So my dreamy vision looks like this God: I would be in a home that I designed and built on the ocean, writing and traveling to conduct classes and retreats, going to my son’s soccer practices, playing tennis and surfing lots with a killer partner at my side. Ta-Da.
Truthfully though, I have been guided these past years by a treasured motorcycle patch that I have on my dresser which reads: ‘Set no path, never lose your way’. With this is mind, I would answer: I’d like to see myself content and fully embodying who I am. I am slowly learning that when I do that, all else falls into place.
What cause is closest to your heart?
Hands down, mental health. If people are mentally and spiritually healthy, life is good. One of the moments I am most proud of in my life is when I helped organize an event called ‘Papalooza’ with another nurse, on the Downtown Eastside. We had services donated to the cause, and encouraged sex trade workers to come into a clinic to get pap smears and to be in a safe space to get their hair / make up done. We wanted those ladies to feel good about themselves. I walked around all day, with a t-shirt saying: ‘I Love My Vagina” on it, inviting these women to participate. I felt great!
Another cause close to my heart happened last week: I organized a Robin Williams tribute night for Suicide Prevention day with Kuba Oms at Fort Commons outdoor space. We wanted to bring people together to talk about depression and suicide. It was actually a very fun evening!
When are you happiest?
I am a natural doer. I love to be active but I also love to listen. I am very happy facilitating the mental health groups I run, which requires a lot of attentive listening. And I truly love hearing their stories. People amaze me, what they go through and how they evolve and grow. I love witnessing that. I love the feeling of empowering others to make shifts in their lives.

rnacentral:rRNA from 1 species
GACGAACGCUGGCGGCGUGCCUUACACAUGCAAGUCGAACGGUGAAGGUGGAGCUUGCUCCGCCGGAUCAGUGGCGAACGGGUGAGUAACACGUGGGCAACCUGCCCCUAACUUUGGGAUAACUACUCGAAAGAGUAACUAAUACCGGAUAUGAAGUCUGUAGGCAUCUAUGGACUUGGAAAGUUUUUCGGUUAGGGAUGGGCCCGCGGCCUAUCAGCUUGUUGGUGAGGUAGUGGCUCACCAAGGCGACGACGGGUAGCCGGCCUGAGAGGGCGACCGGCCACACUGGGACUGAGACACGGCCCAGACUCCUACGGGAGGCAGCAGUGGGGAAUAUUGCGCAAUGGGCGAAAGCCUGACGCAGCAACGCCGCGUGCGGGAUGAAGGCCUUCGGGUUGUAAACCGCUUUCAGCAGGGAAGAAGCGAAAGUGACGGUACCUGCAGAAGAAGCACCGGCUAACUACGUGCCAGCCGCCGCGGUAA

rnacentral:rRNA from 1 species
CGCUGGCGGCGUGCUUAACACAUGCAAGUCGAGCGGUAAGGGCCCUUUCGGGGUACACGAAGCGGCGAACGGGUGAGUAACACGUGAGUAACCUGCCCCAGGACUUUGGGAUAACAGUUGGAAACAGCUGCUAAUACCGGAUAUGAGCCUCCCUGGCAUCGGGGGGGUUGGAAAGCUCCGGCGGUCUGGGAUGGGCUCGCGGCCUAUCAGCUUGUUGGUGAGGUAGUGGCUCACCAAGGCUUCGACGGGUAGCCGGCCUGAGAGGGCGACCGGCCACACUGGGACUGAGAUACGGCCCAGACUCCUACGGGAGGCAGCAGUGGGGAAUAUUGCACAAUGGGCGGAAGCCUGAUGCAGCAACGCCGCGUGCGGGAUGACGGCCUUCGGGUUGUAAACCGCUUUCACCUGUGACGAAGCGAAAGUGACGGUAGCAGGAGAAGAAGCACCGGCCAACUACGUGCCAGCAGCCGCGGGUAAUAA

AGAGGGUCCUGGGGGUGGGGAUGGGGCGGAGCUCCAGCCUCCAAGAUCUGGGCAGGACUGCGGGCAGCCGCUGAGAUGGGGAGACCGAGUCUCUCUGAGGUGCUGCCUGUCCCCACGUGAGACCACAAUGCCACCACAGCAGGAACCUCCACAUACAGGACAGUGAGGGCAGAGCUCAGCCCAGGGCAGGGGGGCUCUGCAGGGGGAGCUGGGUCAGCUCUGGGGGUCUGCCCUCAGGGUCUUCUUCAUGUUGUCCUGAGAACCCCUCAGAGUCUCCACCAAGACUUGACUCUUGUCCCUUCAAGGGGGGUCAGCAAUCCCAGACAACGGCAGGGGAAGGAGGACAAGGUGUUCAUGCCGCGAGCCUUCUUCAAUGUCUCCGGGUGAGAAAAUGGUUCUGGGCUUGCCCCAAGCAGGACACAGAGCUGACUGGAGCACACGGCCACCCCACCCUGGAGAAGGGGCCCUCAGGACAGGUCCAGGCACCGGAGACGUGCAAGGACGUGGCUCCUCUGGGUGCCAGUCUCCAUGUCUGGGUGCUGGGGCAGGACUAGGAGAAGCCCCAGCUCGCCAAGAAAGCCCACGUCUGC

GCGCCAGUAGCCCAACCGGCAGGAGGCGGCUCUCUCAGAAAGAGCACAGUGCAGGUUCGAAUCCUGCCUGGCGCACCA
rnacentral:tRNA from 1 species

What are you afraid of?
I am afraid that I will walk through this life and miss the point. I was in a really bad car accident when I was 18. I was driving too fast and blasted through a red light. I wasn’t wearing a seat belt. The car ended up going through the brick wall of gas station bathroom. I fractured a few vertebrae in my neck. I should have died then but I didn’t. It wasn’t my time. It left me with a strong sense that our time here is valuable and to make it worthwhile in whatever way you can. Because of that I sometimes stress that I am not doing life ‘right’.
When you feel afraid, how do you keep going?
I feel less and less afraid as I get older. And I would rather move towards love than fear, so I do. Which isn’t to say that I don’t feel afraid, but as ‘they‘ say, feel the fear and do it anyway….
A book that inspired you?
As a late teen: Franny and Zooey JD Salinger and Start Where You Are By Pema Chodron
What has been the most valuable thing that you have learned about life so far?
Stay open, trust and let go….
First of all, let’s say cocktails (plural) and I would like several people…. Simone de Beauvoir, Mother Teresa, Patti Smith, Frida Kahlo, Joan of Arc, Hildegard von Bingen. Of course, Bill Murray and Carl Jung for a bit of male energy. If I had to pick one, Rumi. He seems like he would be a good lover and who knows after a few….
Last thing that made you smile?
About a half hour ago when my son was telling me about a picture he drew of me and him.
Last time you shed a tear?
About two weeks ago, I was imagining my life without my father alive. He is 85, very healthy and wonderful, but life marches on and one day he/ me/ you will all die, despite good health. That thought just made me sad, my heart softened and I just started crying. It was this bittersweet sadness. This is reality: we are born and we die. Sometimes it hits me. By keeping that thought/ feeling fresh, I try to appreciate this moment.
Best remedy for a bad day?
I go to the beach and sit near the ocean or I like to read Mary Oliver poetry. If I am feeling feisty and angry, I go to the tennis court and hit the shit out of the ball. (In one incarnation of this life, I was a competitive tennis player in the States. Now I just use tennis as therapy.)
Can you tell me a secret?
Well, I don’t believe in secrets, a lot of shame and pain can lie behind “secrets” but I do have things that I hold close to my heart and I use discretion with whom and when I share them. For instance I can tell you that I was the president of the Kevin Bacon Fan club in Grade 5….
Seriously though, people earn the right to hear and witness private things. I try to treat people and their stories with that level of respect. I have especially learned this through my work as a nurse, where you listen to lots of stories and “secrets”. I may be a very friendly person but I can also be quite private.
Why did I decide to do True Grit.
Because I trust you and I like you
Someone I know with grit?
Rose Henry… I hope you interview her…